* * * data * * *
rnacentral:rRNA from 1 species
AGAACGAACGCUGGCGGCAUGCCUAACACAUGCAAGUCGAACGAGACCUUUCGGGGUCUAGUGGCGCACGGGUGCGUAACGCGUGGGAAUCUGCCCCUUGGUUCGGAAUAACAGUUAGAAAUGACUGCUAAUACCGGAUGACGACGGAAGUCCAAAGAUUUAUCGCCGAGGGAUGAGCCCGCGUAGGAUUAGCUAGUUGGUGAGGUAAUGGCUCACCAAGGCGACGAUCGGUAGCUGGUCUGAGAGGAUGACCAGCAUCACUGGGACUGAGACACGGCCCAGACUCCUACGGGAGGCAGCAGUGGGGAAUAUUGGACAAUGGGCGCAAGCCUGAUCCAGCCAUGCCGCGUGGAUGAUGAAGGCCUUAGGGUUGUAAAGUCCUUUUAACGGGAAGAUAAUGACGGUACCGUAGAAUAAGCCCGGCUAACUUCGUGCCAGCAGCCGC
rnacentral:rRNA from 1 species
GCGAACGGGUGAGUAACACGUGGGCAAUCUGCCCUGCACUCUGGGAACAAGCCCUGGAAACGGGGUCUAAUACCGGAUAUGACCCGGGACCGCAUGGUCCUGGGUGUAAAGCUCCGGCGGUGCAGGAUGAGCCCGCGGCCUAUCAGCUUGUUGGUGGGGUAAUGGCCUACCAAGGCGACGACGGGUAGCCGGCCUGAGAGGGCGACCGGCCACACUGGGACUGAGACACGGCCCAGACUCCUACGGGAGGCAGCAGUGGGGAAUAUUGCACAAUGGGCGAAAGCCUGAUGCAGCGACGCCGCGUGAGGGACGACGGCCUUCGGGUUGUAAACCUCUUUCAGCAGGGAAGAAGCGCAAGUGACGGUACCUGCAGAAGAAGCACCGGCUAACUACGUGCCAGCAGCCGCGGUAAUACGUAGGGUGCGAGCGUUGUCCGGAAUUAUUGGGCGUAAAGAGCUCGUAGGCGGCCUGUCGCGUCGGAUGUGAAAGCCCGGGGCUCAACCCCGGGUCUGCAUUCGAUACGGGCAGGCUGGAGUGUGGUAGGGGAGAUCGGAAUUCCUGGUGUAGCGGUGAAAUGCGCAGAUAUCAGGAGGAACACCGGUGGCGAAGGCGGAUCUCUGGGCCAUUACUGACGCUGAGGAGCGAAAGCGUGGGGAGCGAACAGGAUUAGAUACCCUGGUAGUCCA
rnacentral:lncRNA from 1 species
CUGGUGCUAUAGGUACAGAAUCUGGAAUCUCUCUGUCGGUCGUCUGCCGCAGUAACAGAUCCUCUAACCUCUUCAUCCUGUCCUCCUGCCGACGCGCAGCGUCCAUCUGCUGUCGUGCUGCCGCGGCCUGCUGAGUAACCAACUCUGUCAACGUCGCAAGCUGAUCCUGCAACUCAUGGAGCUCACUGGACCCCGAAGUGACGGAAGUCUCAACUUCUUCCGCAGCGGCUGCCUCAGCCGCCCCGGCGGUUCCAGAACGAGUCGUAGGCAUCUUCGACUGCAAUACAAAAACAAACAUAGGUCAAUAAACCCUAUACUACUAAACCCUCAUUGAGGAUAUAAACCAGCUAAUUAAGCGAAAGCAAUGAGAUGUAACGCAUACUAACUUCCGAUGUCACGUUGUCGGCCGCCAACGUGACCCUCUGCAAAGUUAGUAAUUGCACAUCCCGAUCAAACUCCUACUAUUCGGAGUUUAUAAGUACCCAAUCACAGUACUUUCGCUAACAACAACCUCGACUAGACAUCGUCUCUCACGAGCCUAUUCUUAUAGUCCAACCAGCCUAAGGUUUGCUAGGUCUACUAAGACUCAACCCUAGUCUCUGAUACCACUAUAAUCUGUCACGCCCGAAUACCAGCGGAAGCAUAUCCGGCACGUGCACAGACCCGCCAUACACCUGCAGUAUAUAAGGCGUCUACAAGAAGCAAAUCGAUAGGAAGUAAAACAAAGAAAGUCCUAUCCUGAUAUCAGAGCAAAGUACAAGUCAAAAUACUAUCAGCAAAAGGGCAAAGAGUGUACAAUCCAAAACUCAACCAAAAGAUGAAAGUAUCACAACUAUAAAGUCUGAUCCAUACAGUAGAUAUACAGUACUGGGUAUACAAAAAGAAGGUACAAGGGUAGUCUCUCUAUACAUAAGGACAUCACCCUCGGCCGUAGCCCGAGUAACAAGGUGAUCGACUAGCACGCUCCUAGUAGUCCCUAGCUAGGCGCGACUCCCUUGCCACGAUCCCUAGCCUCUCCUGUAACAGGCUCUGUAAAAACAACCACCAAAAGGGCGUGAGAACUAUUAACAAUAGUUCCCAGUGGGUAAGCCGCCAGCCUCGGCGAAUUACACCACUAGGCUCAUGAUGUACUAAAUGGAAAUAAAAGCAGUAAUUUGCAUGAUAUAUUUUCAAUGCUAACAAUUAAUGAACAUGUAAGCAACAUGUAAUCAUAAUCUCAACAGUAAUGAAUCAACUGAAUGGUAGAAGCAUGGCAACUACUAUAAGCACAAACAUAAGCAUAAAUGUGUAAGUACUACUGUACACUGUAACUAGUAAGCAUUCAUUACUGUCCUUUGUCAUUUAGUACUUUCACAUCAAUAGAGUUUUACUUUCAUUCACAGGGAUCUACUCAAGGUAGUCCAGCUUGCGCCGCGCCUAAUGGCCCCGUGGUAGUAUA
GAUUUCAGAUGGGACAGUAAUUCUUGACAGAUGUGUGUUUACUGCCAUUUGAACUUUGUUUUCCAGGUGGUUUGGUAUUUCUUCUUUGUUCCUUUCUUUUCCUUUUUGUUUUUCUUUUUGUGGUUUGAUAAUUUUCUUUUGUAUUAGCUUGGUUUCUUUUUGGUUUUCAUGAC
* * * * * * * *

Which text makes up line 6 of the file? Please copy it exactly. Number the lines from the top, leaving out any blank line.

CUGGUGCUAUAGGUACAGAAUCUGGAAUCUCUCUGUCGGUCGUCUGCCGCAGUAACAGAUCCUCUAACCUCUUCAUCCUGUCCUCCUGCCGACGCGCAGCGUCCAUCUGCUGUCGUGCUGCCGCGGCCUGCUGAGUAACCAACUCUGUCAACGUCGCAAGCUGAUCCUGCAACUCAUGGAGCUCACUGGACCCCGAAGUGACGGAAGUCUCAACUUCUUCCGCAGCGGCUGCCUCAGCCGCCCCGGCGGUUCCAGAACGAGUCGUAGGCAUCUUCGACUGCAAUACAAAAACAAACAUAGGUCAAUAAACCCUAUACUACUAAACCCUCAUUGAGGAUAUAAACCAGCUAAUUAAGCGAAAGCAAUGAGAUGUAACGCAUACUAACUUCCGAUGUCACGUUGUCGGCCGCCAACGUGACCCUCUGCAAAGUUAGUAAUUGCACAUCCCGAUCAAACUCCUACUAUUCGGAGUUUAUAAGUACCCAAUCACAGUACUUUCGCUAACAACAACCUCGACUAGACAUCGUCUCUCACGAGCCUAUUCUUAUAGUCCAACCAGCCUAAGGUUUGCUAGGUCUACUAAGACUCAACCCUAGUCUCUGAUACCACUAUAAUCUGUCACGCCCGAAUACCAGCGGAAGCAUAUCCGGCACGUGCACAGACCCGCCAUACACCUGCAGUAUAUAAGGCGUCUACAAGAAGCAAAUCGAUAGGAAGUAAAACAAAGAAAGUCCUAUCCUGAUAUCAGAGCAAAGUACAAGUCAAAAUACUAUCAGCAAAAGGGCAAAGAGUGUACAAUCCAAAACUCAACCAAAAGAUGAAAGUAUCACAACUAUAAAGUCUGAUCCAUACAGUAGAUAUACAGUACUGGGUAUACAAAAAGAAGGUACAAGGGUAGUCUCUCUAUACAUAAGGACAUCACCCUCGGCCGUAGCCCGAGUAACAAGGUGAUCGACUAGCACGCUCCUAGUAGUCCCUAGCUAGGCGCGACUCCCUUGCCACGAUCCCUAGCCUCUCCUGUAACAGGCUCUGUAAAAACAACCACCAAAAGGGCGUGAGAACUAUUAACAAUAGUUCCCAGUGGGUAAGCCGCCAGCCUCGGCGAAUUACACCACUAGGCUCAUGAUGUACUAAAUGGAAAUAAAAGCAGUAAUUUGCAUGAUAUAUUUUCAAUGCUAACAAUUAAUGAACAUGUAAGCAACAUGUAAUCAUAAUCUCAACAGUAAUGAAUCAACUGAAUGGUAGAAGCAUGGCAACUACUAUAAGCACAAACAUAAGCAUAAAUGUGUAAGUACUACUGUACACUGUAACUAGUAAGCAUUCAUUACUGUCCUUUGUCAUUUAGUACUUUCACAUCAAUAGAGUUUUACUUUCAUUCACAGGGAUCUACUCAAGGUAGUCCAGCUUGCGCCGCGCCUAAUGGCCCCGUGGUAGUAUA